The Zimbabwe Hospital Doctors Association wishes to advise members of the press stakeholders and its members on the suspected cholera cases that were recorded in the peri-Harare areas since last week.

Basic information (What is it, and who is at risk?) Cholera is a bacterial infection of the small intestines that is spread by unsafe water and contaminated food. It affects ALL age groups and is deadly if untreated. The commonest symptoms are watery diarrhoea (described as ‘rice water’) and dehydration. Symptoms usually begin a day or two after exposure to the bacteria but may develop even after five days. Other people may experience vomiting and abdominal cramps. Prevention (How does one prevent cholera?) Cholera can be prevented by practising basic sanitation. People are urged to use water from clean sources, and boil water from unsafe sources before use. Refuse should be disposed of well, in a designated area be it a pit or bin. The public is also encouraged to wash their hands with running water after using the toilet and to cover their food at all times. People should also use proper toilets and not the bush.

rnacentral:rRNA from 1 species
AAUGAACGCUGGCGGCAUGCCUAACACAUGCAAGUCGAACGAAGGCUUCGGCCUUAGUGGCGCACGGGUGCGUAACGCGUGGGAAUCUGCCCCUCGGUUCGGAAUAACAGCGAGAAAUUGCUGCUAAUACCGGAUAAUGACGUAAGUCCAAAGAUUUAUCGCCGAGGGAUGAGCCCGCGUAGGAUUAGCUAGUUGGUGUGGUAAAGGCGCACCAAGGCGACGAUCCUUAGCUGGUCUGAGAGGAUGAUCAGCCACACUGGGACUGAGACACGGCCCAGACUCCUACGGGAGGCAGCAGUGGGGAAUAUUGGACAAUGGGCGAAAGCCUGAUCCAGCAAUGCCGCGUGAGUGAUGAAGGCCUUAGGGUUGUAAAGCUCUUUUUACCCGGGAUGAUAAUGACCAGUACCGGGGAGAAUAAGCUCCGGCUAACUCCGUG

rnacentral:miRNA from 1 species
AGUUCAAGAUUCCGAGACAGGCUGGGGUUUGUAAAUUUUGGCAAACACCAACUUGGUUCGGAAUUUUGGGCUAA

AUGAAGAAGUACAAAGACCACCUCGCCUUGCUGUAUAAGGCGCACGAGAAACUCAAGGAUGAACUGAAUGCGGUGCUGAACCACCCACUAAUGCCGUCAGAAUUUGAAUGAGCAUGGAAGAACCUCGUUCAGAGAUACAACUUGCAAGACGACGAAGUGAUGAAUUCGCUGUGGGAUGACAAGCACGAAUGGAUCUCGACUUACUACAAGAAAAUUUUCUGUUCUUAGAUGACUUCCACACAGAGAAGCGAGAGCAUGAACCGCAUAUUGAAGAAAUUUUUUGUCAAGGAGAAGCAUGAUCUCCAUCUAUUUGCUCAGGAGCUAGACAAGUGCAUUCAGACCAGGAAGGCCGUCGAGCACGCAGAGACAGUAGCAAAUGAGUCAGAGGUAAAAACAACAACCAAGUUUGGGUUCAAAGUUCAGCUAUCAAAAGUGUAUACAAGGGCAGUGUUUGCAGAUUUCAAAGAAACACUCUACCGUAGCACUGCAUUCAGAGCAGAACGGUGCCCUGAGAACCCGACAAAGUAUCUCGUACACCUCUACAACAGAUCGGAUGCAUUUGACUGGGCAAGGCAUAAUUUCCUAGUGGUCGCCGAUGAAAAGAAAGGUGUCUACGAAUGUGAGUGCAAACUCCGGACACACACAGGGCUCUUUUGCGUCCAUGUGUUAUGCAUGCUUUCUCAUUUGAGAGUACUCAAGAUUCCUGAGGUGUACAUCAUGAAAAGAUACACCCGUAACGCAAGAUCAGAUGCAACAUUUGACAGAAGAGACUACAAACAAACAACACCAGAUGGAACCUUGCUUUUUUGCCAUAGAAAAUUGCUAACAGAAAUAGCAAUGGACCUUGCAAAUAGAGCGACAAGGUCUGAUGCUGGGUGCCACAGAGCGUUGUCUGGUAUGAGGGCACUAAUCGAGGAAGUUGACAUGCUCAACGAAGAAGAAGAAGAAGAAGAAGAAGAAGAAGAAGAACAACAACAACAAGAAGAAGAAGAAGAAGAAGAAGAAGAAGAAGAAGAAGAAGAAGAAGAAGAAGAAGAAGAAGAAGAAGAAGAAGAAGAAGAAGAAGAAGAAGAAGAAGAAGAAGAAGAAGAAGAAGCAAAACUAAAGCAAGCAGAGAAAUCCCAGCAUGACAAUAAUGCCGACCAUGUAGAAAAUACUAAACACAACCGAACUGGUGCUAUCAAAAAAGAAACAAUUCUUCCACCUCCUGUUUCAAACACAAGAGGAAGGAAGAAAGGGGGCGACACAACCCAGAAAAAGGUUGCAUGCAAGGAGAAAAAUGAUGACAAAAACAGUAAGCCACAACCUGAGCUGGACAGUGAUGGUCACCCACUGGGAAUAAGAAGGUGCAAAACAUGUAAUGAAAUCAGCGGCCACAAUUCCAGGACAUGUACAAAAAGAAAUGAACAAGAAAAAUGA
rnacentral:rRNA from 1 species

Treatment (What to do when you suspect that you have cholera) The dehydration from cholera can result in death within a few hours. If you suspect you have cholera, keep on oral fluids (sugar and salt solution: half level teaspoon of salt and 6 level teaspoons of sugar. in 1 litre of clean water) and report to your nearest health 5,55 immediately. Other members of that household should also be notified and be aware that they are at risk.

We hope these isolated cases of cholera will be contained to prevent an outbreak. We implore members of the public to work together and play their part in preventing cholera.